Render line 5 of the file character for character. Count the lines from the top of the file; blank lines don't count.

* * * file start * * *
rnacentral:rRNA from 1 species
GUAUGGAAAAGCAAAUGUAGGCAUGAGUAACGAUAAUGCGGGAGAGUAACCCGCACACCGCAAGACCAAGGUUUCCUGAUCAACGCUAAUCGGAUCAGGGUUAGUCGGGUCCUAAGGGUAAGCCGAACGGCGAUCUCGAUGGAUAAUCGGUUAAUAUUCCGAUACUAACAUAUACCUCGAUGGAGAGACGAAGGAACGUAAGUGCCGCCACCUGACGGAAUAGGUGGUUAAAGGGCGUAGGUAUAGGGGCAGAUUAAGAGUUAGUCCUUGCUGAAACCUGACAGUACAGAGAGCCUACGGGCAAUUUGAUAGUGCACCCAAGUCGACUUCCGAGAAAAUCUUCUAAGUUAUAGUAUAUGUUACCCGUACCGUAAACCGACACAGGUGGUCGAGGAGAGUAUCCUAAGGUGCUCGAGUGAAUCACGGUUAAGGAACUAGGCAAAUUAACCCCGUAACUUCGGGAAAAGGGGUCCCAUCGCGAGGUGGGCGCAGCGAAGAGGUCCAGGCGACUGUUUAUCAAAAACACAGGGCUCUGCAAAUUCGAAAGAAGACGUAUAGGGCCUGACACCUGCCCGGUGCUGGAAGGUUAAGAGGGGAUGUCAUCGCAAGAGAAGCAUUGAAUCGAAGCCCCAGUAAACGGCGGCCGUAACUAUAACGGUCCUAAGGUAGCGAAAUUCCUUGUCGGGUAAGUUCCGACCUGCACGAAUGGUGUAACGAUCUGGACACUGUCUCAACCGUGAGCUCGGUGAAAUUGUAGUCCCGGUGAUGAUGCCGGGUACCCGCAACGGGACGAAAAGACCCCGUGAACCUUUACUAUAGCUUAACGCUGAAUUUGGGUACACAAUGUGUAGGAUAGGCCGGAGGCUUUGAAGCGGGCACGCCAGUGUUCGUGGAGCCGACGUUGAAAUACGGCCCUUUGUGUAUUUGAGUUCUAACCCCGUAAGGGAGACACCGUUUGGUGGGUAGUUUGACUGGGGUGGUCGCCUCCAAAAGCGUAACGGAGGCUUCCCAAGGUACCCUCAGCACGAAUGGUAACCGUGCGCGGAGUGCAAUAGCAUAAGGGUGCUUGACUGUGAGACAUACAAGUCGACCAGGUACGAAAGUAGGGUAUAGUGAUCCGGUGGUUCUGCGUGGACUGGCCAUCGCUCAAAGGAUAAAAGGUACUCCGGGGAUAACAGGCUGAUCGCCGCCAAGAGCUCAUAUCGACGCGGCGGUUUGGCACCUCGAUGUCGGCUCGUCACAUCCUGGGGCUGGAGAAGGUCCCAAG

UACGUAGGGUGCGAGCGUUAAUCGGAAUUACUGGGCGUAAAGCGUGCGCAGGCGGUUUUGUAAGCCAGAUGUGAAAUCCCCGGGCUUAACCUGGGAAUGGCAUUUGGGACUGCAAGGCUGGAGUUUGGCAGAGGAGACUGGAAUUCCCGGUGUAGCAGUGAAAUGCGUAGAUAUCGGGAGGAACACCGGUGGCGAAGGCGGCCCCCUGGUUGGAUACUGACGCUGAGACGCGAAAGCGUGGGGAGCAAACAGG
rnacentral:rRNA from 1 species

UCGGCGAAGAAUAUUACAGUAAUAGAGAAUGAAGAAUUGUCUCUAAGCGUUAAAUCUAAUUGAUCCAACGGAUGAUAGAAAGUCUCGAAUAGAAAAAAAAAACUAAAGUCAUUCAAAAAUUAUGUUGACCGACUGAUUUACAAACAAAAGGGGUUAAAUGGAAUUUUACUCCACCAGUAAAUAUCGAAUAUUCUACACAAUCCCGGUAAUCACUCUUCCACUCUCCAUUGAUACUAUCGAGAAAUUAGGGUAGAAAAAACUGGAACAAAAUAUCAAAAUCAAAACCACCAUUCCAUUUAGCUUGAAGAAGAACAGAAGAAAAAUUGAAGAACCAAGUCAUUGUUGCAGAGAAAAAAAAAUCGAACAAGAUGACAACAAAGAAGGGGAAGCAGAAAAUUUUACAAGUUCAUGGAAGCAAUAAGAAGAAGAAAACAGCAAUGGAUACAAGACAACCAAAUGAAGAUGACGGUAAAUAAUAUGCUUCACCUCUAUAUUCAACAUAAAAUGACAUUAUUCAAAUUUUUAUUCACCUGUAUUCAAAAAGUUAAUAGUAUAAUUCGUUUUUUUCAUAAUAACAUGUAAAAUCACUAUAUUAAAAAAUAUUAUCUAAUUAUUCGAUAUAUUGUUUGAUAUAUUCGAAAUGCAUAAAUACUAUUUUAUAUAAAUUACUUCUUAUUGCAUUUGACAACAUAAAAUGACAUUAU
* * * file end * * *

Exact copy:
UCGGCGAAGAAUAUUACAGUAAUAGAGAAUGAAGAAUUGUCUCUAAGCGUUAAAUCUAAUUGAUCCAACGGAUGAUAGAAAGUCUCGAAUAGAAAAAAAAAACUAAAGUCAUUCAAAAAUUAUGUUGACCGACUGAUUUACAAACAAAAGGGGUUAAAUGGAAUUUUACUCCACCAGUAAAUAUCGAAUAUUCUACACAAUCCCGGUAAUCACUCUUCCACUCUCCAUUGAUACUAUCGAGAAAUUAGGGUAGAAAAAACUGGAACAAAAUAUCAAAAUCAAAACCACCAUUCCAUUUAGCUUGAAGAAGAACAGAAGAAAAAUUGAAGAACCAAGUCAUUGUUGCAGAGAAAAAAAAAUCGAACAAGAUGACAACAAAGAAGGGGAAGCAGAAAAUUUUACAAGUUCAUGGAAGCAAUAAGAAGAAGAAAACAGCAAUGGAUACAAGACAACCAAAUGAAGAUGACGGUAAAUAAUAUGCUUCACCUCUAUAUUCAACAUAAAAUGACAUUAUUCAAAUUUUUAUUCACCUGUAUUCAAAAAGUUAAUAGUAUAAUUCGUUUUUUUCAUAAUAACAUGUAAAAUCACUAUAUUAAAAAAUAUUAUCUAAUUAUUCGAUAUAUUGUUUGAUAUAUUCGAAAUGCAUAAAUACUAUUUUAUAUAAAUUACUUCUUAUUGCAUUUGACAACAUAAAAUGACAUUAU